According to Portny, Mantel, Meredith, Shafer, Sutton, and Kramer (2008), “Scope Creep” is the natural tendency of the client, as well as project team members, to try to improve the project’s output as the project progresses.” (p. 346) Last summer I visited Lowes curious about renovating my kitchen. I wanted to either reface or replace my cabinets, and change my countertop. I sat down with a kitchen design specialist and the project began. I took her suggestions and revisited my budget. Of course her suggestions were three times what I wanted to spend, but she had designed a new floor plan adding more storage and more countertop space. We discussed the five components of project scheduling: time, resources, people, quality and scope. (Laureate, 2012) I have addressed the scope creep in each of these factors.
Time: The time projected to complete the project was 9 weeks. 4 weeks to have the cabinets made and delivered, 3 weeks to schedule the subcontractors to install the cabinets and appliances and 2 weeks to have the countertops measured, fabricated and installed to complete the project. The cabinets were delivered on time, however after the contractor opened the boxes to inspect the cabinets he found 5 that were damaged. They needed to be replaced and the project was on hold. Please keep in mind I had five different contractors (one to tear out the kitchen, a plumber, an electrician, the kitchen cabinet installer and the countertop installer) which had to work both consecutively and collaboratively. Once the trucking company called to announce delivery I scheduled the 1st contractor to perform the deconstruction. So when the cabinets were faulty I was without a kitchen for another 9 weeks.
The one time factor I did not account for was my own. I did not consider my time would be so consumed by project planning, scheduling, designing, and choosing materials.
People: The subcontractors for the most part completed their portion of each phase on time and within budget. Even though the damaged cabinets set the entire project back, once the new cabinets arrived they rearranged their schedules to accommodate my schedule. The plumber spent a little more time because I changed the scope after realizing there was a gas hook up for my range (addressed below under resources).
Scope: Once the contract was signed with Lowes and the money paid I had a few opportunities to upgrade portions of the new kitchen.
- I went to the countertop place of business and found a pattern (not available through Lowes) I preferred over my first choice. Of course this was more money.
- Once the old kitchen was gone we found a gas hookup for the range. I decide to change out my electric range and buy a new gas range.
- I also decide to upgrade my ceramic sink to a granite based deeper bowl adding a push button garbage disposal and new faucet.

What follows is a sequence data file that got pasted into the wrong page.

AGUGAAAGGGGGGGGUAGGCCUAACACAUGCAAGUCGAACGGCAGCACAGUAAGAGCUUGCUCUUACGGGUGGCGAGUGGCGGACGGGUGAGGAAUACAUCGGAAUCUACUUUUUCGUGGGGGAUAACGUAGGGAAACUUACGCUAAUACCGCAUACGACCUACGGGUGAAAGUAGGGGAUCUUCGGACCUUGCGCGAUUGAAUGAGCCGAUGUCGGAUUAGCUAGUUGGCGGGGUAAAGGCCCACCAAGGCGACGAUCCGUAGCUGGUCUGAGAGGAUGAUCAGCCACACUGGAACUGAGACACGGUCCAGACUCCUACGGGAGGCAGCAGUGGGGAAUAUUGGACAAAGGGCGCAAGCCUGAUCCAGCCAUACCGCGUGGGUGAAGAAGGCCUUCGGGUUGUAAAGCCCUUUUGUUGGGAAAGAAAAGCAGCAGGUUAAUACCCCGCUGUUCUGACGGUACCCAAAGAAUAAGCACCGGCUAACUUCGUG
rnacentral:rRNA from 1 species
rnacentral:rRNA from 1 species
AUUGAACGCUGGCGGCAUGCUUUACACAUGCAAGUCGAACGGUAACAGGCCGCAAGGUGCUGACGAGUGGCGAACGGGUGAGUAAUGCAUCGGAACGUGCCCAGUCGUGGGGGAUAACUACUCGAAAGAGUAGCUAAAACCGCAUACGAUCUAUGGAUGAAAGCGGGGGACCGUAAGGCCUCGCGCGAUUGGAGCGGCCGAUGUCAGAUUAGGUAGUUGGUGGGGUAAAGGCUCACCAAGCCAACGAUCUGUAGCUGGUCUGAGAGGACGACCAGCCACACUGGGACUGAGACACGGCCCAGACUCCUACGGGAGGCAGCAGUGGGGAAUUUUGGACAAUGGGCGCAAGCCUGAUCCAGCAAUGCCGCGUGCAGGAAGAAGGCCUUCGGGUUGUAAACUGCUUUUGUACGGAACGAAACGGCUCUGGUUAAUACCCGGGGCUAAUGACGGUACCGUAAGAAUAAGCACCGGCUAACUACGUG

- I pleaded with the contractors to add corner round to my entire ceiling line and not just the cabinet ceiling joint.
- I outsourced a painter to repair some of my drywall before I painted and the cabinets were installed.
Quality: The quality of the cabinets and countertops remained within the scope of my kitchen project, however, I did upgrade my sink and range to a better quality product and arranged to repair my walls outside of the original project scope.
Resources: In addition to ordering the kitchen cabinets and countertop there were items I did not factor into the project. My old sink could not be removed in one piece and needed to be replaced and I found a new gas range to replace the existing electric range. I needed to increase the budget for these additions as well as the upgrade for the countertops and repair of the drywall. There were also many other small costs associated with each mini project.
Scope creep can happen pre-project and anytime during the task. In performing this renovation and looking back on the project there were many more things that could have gone wrong to increase the scope of the project. I thought it was a nightmare while I was in the midst of the construction, but realize now it could have been much worse.
“Project managers must expect change and be prepared to deal with it.” (Portny, Mantel, Meredith, Shafer, Sutton, & Kramer. 2008. P. 346) “Avoiding scope creep is not possible. However, monitoring it, controlling it, and thereby reducing some of the pain is possible – if the project manager follows a few simple guidelines:
- Include a change control system in every plan
- Every project change is introduced by a change order that includes a description of the agreed-upon change including the plan, process, budget, schedule, or deliverables
- Require changes be approved in writing by the client and representative of senior management
- Amend and update all project plans and schedules to reflect the change after the change order has been approved.” (Portny, Mantel, Meredith, Shafer, Sutton, & Kramer. 2008. P. 347)
Today when asked about the kitchen renovation I tell everyone that I will move before undertaking another kitchen remodel. Despite my feelings, I now have experienced a kitchen renovation and know more about project management so tackling another remodeling project may be a bit less frustrating.
Portny, S., Mantel, S., Meredith, J., Shafer, S., Sutton, M., & Kramer, B. (2008). Project management: Planning, scheduling, and controlling projects. Hoboken, NJ: John Wiley & Sons, Inc.